The Risk of Being on the Road

By Dennis L. Rubin with Bruce H. Varner, Training Day Presenters

On March 13, 2001, two Norfolk, Virginia, firefighters were struck by a car while they were working at the scene of an automobile fire on Interstate 64. This is an account of the real-life “emotional roller coaster ride” that followed the accident.

My home telephone rang at the same time the shrill tone of the pager urged my attention. What was so important that both electronic devices had to be used to get the fire chief out of bed? I had no doubt that something big (a major incident of some type) was brewing. In the previous seven years, I could not recall having this one-two punch hit me in the middle of sleep hours. It was a little like being back on shift.

The dispatcher on the telephone was professional in tone and very much to the point. “Fire 1!” (the department’s radio designation for the chief). “Yes,” I responded to her voice. The dispatcher continued, “Two firefighters have been struck on Interstate 64 …”

The Chief’s Nightmare Begins

The pager message seemed to confirm what the voice over the telephone just told me. I tried not to believe either messenger and was hoping that this was just a dream and I would sleep through the situation.

Next, the digital words scrolling across the pager screen were confirming what could become the chief ’s worst nightmare. The chief ’s greatest fear was starting to unfold; it looked like it was shaping up to be a Line of Duty Death for our department. The words were now undeniable and haunting, “Two members struck by an auto on I-64. They are en route to Norfolk General at this time.” As I was rapidly getting dressed to report to the emergency room, the phone rang for a second time that hectic early morning.

This time the voice on the other end of the line was familiar, but was just as blunt as the first person who had called. One of the onduty battalion fire chiefs was calling me to make sure that I got the very important horrible news. The chief also provided me with an update of the status of our two members. I was told that firefighter Nick Nelson was in critical condition and may not survive the hour. The other member, also a firefighter, was banged up a bit, but would be just fine after a short recovery period.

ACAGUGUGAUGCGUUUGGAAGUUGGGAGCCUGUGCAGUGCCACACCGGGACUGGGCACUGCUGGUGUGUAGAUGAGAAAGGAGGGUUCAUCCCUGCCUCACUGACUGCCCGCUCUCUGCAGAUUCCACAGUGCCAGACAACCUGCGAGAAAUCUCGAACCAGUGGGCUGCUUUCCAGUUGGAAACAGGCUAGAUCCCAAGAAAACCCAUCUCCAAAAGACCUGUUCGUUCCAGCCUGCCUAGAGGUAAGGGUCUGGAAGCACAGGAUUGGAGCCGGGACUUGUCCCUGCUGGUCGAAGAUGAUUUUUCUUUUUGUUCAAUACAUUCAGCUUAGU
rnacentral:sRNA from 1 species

As my heart was pounding through my chest, I responded to the hospital. It seemed like an eternity before I arrived there to be with my injured firefighter and brother Nick Nelson. For the past two days, Nick had attended a command safety seminar at our fire training center. Nelson sat in the front row and I spoke to him each day and was glad to receive the positive feedback about Chief Brunacini’s command presentation. Nelson was an excellent firefighter and good (same hometown) friends with my aide, Lt. (now Chief) John DiBacco. Losing Nick would be very difficult to deal with for the department.

At the Hospital

The images in the emergency room were just what I expected for this trauma alert. The scenes were what I have come to know all too well in my 30-plus years of service. I could only describe the trauma bay treatment area as organized chaos or perhaps “emergency medical poetry” to the trained eye. About a dozen of Tidewater Virginia’s best doctors and nurses were attending to and surrounding Nick Nelson when I walked into the hospital.

My thoughts wandered into what actions that I needed to take right away to be of best help to my critically injured fireground warrior. My first thoughts were to start notification of his family, and to make sure that our union president and our governing body were aware of this tragic and unfolding situation.

I remembered that a lot of work had to be completed to protect Nick’s public safety officer death benefits to ensure that his family would be taken care of financially if the worst were to occur. It was difficult to believe that our department was going to lose an outstanding young member in the line of duty in such a needless way – while I was at the helm. Simply unacceptable and heartbreaking, maybe this was just a nightmare (a very bad dream) and I was still asleep!

As I fought my way up to his bedside to say goodbye to a fellow firefighter that I had just met at the command conference, my chest grew tight and breathing became difficult. When I jockeyed into position for an unobstructed view, I realized that he was not on a ventilator (which I was sure that had to be in place by now).

That was a big surprise and of great concern. Next, I noticed that he was moving his legs and my thoughts changed just a little; maybe there was a glimpse of hope for him to make it through this tragedy.

When I placed my hand on the top of Nelson’s right shoulder, he looked at me and spoke.

I can still remember his exact words. He said, “Chief, if anyone ever tells you that a really bad hangover is just like being run over by a car, you can tell them that they are full of (crap)!” I don’t think that I have ever been happier to hear a firefighter complain to me. Based on the treatment (actually lack of), Nelson’s initial presentation and good humor, I knew that everything was going to work out for us.